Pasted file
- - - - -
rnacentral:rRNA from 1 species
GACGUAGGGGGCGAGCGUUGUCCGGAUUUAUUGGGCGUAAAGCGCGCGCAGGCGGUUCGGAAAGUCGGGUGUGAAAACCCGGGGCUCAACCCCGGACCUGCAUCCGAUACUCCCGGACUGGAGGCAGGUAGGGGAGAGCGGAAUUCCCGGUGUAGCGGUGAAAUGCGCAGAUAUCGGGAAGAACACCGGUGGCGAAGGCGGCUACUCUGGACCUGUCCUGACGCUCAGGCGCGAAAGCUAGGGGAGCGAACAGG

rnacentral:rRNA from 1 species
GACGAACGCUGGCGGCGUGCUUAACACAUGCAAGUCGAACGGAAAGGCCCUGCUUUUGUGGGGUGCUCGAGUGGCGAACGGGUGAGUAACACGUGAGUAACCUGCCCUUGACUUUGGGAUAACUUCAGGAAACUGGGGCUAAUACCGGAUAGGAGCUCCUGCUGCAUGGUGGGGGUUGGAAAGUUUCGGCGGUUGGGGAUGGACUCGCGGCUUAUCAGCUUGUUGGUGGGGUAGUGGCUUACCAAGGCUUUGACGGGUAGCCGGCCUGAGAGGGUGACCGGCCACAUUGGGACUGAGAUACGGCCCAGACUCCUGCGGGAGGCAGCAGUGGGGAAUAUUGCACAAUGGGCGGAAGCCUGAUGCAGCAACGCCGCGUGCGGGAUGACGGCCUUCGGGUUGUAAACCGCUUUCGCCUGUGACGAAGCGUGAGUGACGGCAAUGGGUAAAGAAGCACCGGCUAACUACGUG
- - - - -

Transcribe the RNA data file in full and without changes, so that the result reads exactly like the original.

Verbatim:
rnacentral:rRNA from 1 species
GACGUAGGGGGCGAGCGUUGUCCGGAUUUAUUGGGCGUAAAGCGCGCGCAGGCGGUUCGGAAAGUCGGGUGUGAAAACCCGGGGCUCAACCCCGGACCUGCAUCCGAUACUCCCGGACUGGAGGCAGGUAGGGGAGAGCGGAAUUCCCGGUGUAGCGGUGAAAUGCGCAGAUAUCGGGAAGAACACCGGUGGCGAAGGCGGCUACUCUGGACCUGUCCUGACGCUCAGGCGCGAAAGCUAGGGGAGCGAACAGG

rnacentral:rRNA from 1 species
GACGAACGCUGGCGGCGUGCUUAACACAUGCAAGUCGAACGGAAAGGCCCUGCUUUUGUGGGGUGCUCGAGUGGCGAACGGGUGAGUAACACGUGAGUAACCUGCCCUUGACUUUGGGAUAACUUCAGGAAACUGGGGCUAAUACCGGAUAGGAGCUCCUGCUGCAUGGUGGGGGUUGGAAAGUUUCGGCGGUUGGGGAUGGACUCGCGGCUUAUCAGCUUGUUGGUGGGGUAGUGGCUUACCAAGGCUUUGACGGGUAGCCGGCCUGAGAGGGUGACCGGCCACAUUGGGACUGAGAUACGGCCCAGACUCCUGCGGGAGGCAGCAGUGGGGAAUAUUGCACAAUGGGCGGAAGCCUGAUGCAGCAACGCCGCGUGCGGGAUGACGGCCUUCGGGUUGUAAACCGCUUUCGCCUGUGACGAAGCGUGAGUGACGGCAAUGGGUAAAGAAGCACCGGCUAACUACGUG